Stop-Loss stop loss
, , ,
113 min.
Release Date

The American military’s “stop-loss” policy involuntarily lengthens a soldier’s contract, committing selected troops to another tour or more, thus breaching a legal contract. With no draft and anti-war sentiments at an all-time high, the military chose to pull a fast one on volunteer soldiers, initiating what’s been called a “backdoor draft.” The hypocrisy remains that the policy can only be activated during times of war, though technically, Congress has not officially declared war. But nevermind the government’s illegal misuse of the practice, since most judges resolve to dismiss cases brought to court before they ever begin.

Stop-Loss was directed by Kimberly Peirce, the filmmaker behind Boys Don’t Cry, and co-written by Peirce and Mark Richard. Working through reportedly numerous screenplay drafts, their story addresses the injustice of America’s stop-loss policy, yet refuses to fight against it. The result comes off as (to paraphrase the saying) a film whose hummingbird body can’t keep up with its alligator mouth. Every necessary criticism is made for an ample denunciation of stop-loss procedures; except, any guts this film might have had were spilled out all over the floor thanks to the film’s lackluster ending.

Revolving around a troupe of southern-fried soldiers returning home to Texas from Iraq, we watch them fall apart by drinkin’ and fightin’ away their frustrations, be it from post-traumatic stress or their desperation to stay home. Actor Ryan Phillippe, who always manages to surprise me, does the same here as Brandon, a squad leader who in the first scenes in Iraq makes the mistake of leading his men into an ambush. Several soldiers die under his command; later, forgiving himself doesn’t come easy. Upon returning home, Brandon ruminates over his guilt, and then altogether snaps when he’s stop-lossed. He goes AWOL only to find no one, not even his bigshot senator friend, will defend his situation, despite his legal justification. His only option becomes Canada or Mexico or back to Iraq.

His fellow squad members are afflicted by equal psychological throes; none can reacclimatize themselves to civilian life, unable to let go of the horrors they’ve seen or participated in. Perhaps because we’re only seeing their post-trauma shells, there’s a certain detachment from these characters. Supersoldier Steve (Channing Tatum) finds that Iraq feels more like being home than in the arms of his sweetheart Michelle (Abbie Cornish). Tommy (the excellent Joseph Gordon-Levitt from The Lookout) finds solace in a bottle after his wife kicks him out, claiming he’s changed. Peirce offers up their maladies as tragic, but ultimately resolves such symptoms are untreatable, as the battle must go on…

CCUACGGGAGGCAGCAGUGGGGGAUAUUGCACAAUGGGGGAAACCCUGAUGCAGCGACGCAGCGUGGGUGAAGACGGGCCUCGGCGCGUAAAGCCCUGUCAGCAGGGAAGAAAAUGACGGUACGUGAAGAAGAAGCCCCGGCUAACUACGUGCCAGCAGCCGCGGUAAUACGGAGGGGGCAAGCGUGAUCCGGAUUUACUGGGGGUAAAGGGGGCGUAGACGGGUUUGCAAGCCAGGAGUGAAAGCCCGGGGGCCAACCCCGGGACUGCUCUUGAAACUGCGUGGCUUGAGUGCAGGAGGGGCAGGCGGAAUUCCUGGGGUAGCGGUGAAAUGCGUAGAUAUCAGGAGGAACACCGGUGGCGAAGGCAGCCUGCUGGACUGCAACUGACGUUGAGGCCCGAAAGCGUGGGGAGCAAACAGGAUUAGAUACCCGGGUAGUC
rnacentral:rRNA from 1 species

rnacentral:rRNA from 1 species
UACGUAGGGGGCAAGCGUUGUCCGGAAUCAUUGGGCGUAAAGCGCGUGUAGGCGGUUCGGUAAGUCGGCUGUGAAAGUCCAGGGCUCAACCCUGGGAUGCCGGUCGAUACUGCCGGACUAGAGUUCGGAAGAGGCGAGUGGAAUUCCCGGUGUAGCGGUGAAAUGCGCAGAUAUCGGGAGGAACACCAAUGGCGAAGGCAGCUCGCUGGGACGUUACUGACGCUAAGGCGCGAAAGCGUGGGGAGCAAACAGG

For a better film on this subject, seek out last year’s Redacted, a little-seen film by writer-director Brian De Palma (The Untouchables, Mission: Impossible) that challenged both the media’s representation of war, and the traumatic effects war has on individuals. Or check out the more dramatized anti-war statement In the Valley of Elah (by Paul Haggis, director of 2005’s Best Picture Oscar-winner Crash), which disguises itself as a mystery, but then subtly lambastes our current conflict by addressing issues of post-traumatic stress disorder. Both films suggest that because of such debilitating aftereffects, if our men stay over their long enough, we’ll never recover them. Essentially, we’re saying goodbye forever as soon as they leave.

Claiming anti-war film airs, Stop-Loss resolves that despite the injustice of this procedure, soldiers must concede to The System and return to war, pulling its most important punch. Peirce suggests the alternative remains worse than fighting in a war these soldiers don’t believe in. I ask you, is living in Canada such intolerable cruelty that exposing yourself to probable death and trauma-inducing battle-horror looks better in comparison? This is not an anti-war film, but rather a testament to the hopelessness of challenging the government—almost to defeatist, propagandistic extremes. Instead of defending your beliefs by heading underground, the film recommends silently following the rules.

With its message muddled and the last minutes confused, Peirce’s film lacks the salient message better films like Redacted and In the Valley of Elah convey with more class and artistry. We have no question as to how these other Iraqi conflict films challenge us with their statements. When so many films today are making bold statements on the Iraqi conflict, Stop-Lossremains just a chit-chat on the subject—nothing we can’t find on talk radio. Merely an ambiguous discussion, the film at least maintains an agreeable sympathy toward American soldiers, even when sending them back to the wolves.

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